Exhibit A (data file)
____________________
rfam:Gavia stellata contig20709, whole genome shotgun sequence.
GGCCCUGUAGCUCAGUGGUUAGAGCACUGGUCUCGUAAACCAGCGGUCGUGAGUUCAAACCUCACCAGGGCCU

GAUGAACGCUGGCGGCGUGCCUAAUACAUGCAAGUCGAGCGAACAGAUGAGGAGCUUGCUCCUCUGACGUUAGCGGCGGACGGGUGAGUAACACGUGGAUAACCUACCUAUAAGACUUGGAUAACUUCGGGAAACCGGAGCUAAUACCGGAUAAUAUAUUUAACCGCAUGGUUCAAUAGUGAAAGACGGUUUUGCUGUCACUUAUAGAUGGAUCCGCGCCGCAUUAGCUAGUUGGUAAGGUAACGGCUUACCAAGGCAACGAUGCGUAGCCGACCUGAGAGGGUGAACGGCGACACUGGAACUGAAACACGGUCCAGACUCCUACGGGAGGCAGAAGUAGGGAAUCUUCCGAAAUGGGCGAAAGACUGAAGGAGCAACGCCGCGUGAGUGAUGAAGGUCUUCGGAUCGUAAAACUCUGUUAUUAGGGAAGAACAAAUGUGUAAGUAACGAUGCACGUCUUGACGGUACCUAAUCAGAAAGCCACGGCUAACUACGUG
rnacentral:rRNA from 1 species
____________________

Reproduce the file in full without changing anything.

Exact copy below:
rfam:Gavia stellata contig20709, whole genome shotgun sequence.
GGCCCUGUAGCUCAGUGGUUAGAGCACUGGUCUCGUAAACCAGCGGUCGUGAGUUCAAACCUCACCAGGGCCU

GAUGAACGCUGGCGGCGUGCCUAAUACAUGCAAGUCGAGCGAACAGAUGAGGAGCUUGCUCCUCUGACGUUAGCGGCGGACGGGUGAGUAACACGUGGAUAACCUACCUAUAAGACUUGGAUAACUUCGGGAAACCGGAGCUAAUACCGGAUAAUAUAUUUAACCGCAUGGUUCAAUAGUGAAAGACGGUUUUGCUGUCACUUAUAGAUGGAUCCGCGCCGCAUUAGCUAGUUGGUAAGGUAACGGCUUACCAAGGCAACGAUGCGUAGCCGACCUGAGAGGGUGAACGGCGACACUGGAACUGAAACACGGUCCAGACUCCUACGGGAGGCAGAAGUAGGGAAUCUUCCGAAAUGGGCGAAAGACUGAAGGAGCAACGCCGCGUGAGUGAUGAAGGUCUUCGGAUCGUAAAACUCUGUUAUUAGGGAAGAACAAAUGUGUAAGUAACGAUGCACGUCUUGACGGUACCUAAUCAGAAAGCCACGGCUAACUACGUG
rnacentral:rRNA from 1 species